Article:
Giving Back to the STEM Community (Guest Post)

The following is a guest post, written by Spotlight intern Jake Goidell. Jake recently graduated from Davis High School, and is headed to Columbia University in the fall.

Sometimes here at Spotlight we get so focused on the technical details of our particular projects -- details that may be imperceivable to the untrained eye -- that we can begin to lose sight of our company’s broader mission. We laser in on whether the cyclist needs to wear a helmet (yes) cyclist video or a backpack (absolutely not!), but we can sometimes lose sight of the actual students and families we are working with to help them understand their educational data and how it impacts their future.

That’s why semi-annually, we venture out into the great big world for a company-wide outing to do good. This June, the Spotlight team partnered with Square Root Academy, helping to launch their community center that will provide free STEM programs to students in underprivileged communities and from underrepresented groups.

Even our developers, slumped over their desks for weeks at a time, unglued themselves from their chairs and dug into this very different style of work. The event showcases for us that we’re people — all equally incompetent at construction tasks! Our co-founders worked side by side with our QA assistant sanding walls, while members of the sales team joined forces painting whiteboards, a far too rare collaboration.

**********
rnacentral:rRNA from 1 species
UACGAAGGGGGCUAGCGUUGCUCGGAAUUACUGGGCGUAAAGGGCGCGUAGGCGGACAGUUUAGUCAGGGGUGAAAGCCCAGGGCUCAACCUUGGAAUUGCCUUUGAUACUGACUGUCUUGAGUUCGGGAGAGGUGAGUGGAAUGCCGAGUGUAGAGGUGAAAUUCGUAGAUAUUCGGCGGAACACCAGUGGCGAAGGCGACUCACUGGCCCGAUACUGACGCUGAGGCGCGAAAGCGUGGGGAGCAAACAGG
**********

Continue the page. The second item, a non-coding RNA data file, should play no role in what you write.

Not only did this outing bring the entire Spotlight team together, but it also reaffirmed our core values of ensuring that every student, regardless of where they are from or who their parents are, is assured the same access to data and more importantly, the same understanding of that data as any other student.

Partnering with Square Root Academy helped remind us that whether or not the cyclist wears a backpack (they absolutely should not), our goal as a company is to ensure that all students have the same educational opportunities, helping them envision a future only they can imagine.